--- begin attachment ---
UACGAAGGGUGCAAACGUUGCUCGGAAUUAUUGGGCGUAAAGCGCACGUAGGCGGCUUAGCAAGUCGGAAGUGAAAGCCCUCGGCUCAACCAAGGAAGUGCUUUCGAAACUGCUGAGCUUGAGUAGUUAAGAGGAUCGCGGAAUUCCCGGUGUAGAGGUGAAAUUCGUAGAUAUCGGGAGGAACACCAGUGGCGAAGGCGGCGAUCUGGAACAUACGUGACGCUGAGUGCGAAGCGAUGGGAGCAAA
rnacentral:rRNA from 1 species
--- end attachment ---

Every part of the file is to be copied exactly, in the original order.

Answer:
UACGAAGGGUGCAAACGUUGCUCGGAAUUAUUGGGCGUAAAGCGCACGUAGGCGGCUUAGCAAGUCGGAAGUGAAAGCCCUCGGCUCAACCAAGGAAGUGCUUUCGAAACUGCUGAGCUUGAGUAGUUAAGAGGAUCGCGGAAUUCCCGGUGUAGAGGUGAAAUUCGUAGAUAUCGGGAGGAACACCAGUGGCGAAGGCGGCGAUCUGGAACAUACGUGACGCUGAGUGCGAAGCGAUGGGAGCAAA
rnacentral:rRNA from 1 species